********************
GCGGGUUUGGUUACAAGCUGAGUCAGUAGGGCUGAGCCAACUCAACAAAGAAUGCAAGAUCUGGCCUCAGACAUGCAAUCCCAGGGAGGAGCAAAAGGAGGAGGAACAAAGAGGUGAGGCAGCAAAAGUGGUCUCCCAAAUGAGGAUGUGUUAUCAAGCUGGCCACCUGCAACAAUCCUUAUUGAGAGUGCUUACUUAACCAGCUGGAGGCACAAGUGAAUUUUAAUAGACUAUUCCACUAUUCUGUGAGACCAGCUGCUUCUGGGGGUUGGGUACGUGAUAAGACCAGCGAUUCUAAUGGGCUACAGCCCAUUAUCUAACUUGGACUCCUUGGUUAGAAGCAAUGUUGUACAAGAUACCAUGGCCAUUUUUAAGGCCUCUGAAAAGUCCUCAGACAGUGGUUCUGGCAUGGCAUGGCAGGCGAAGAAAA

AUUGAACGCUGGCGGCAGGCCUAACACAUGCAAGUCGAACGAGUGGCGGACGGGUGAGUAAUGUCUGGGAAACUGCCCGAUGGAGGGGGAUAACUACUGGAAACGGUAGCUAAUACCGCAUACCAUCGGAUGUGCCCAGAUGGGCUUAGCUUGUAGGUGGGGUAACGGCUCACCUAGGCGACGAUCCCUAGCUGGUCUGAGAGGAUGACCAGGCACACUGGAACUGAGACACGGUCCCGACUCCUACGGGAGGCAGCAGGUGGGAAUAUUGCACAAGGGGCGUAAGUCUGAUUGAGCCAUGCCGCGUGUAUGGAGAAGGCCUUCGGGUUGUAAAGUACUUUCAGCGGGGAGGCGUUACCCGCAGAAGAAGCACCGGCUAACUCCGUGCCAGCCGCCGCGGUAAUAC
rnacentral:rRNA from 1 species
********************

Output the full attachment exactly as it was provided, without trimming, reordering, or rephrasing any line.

GCGGGUUUGGUUACAAGCUGAGUCAGUAGGGCUGAGCCAACUCAACAAAGAAUGCAAGAUCUGGCCUCAGACAUGCAAUCCCAGGGAGGAGCAAAAGGAGGAGGAACAAAGAGGUGAGGCAGCAAAAGUGGUCUCCCAAAUGAGGAUGUGUUAUCAAGCUGGCCACCUGCAACAAUCCUUAUUGAGAGUGCUUACUUAACCAGCUGGAGGCACAAGUGAAUUUUAAUAGACUAUUCCACUAUUCUGUGAGACCAGCUGCUUCUGGGGGUUGGGUACGUGAUAAGACCAGCGAUUCUAAUGGGCUACAGCCCAUUAUCUAACUUGGACUCCUUGGUUAGAAGCAAUGUUGUACAAGAUACCAUGGCCAUUUUUAAGGCCUCUGAAAAGUCCUCAGACAGUGGUUCUGGCAUGGCAUGGCAGGCGAAGAAAA

AUUGAACGCUGGCGGCAGGCCUAACACAUGCAAGUCGAACGAGUGGCGGACGGGUGAGUAAUGUCUGGGAAACUGCCCGAUGGAGGGGGAUAACUACUGGAAACGGUAGCUAAUACCGCAUACCAUCGGAUGUGCCCAGAUGGGCUUAGCUUGUAGGUGGGGUAACGGCUCACCUAGGCGACGAUCCCUAGCUGGUCUGAGAGGAUGACCAGGCACACUGGAACUGAGACACGGUCCCGACUCCUACGGGAGGCAGCAGGUGGGAAUAUUGCACAAGGGGCGUAAGUCUGAUUGAGCCAUGCCGCGUGUAUGGAGAAGGCCUUCGGGUUGUAAAGUACUUUCAGCGGGGAGGCGUUACCCGCAGAAGAAGCACCGGCUAACUCCGUGCCAGCCGCCGCGGUAAUAC
rnacentral:rRNA from 1 species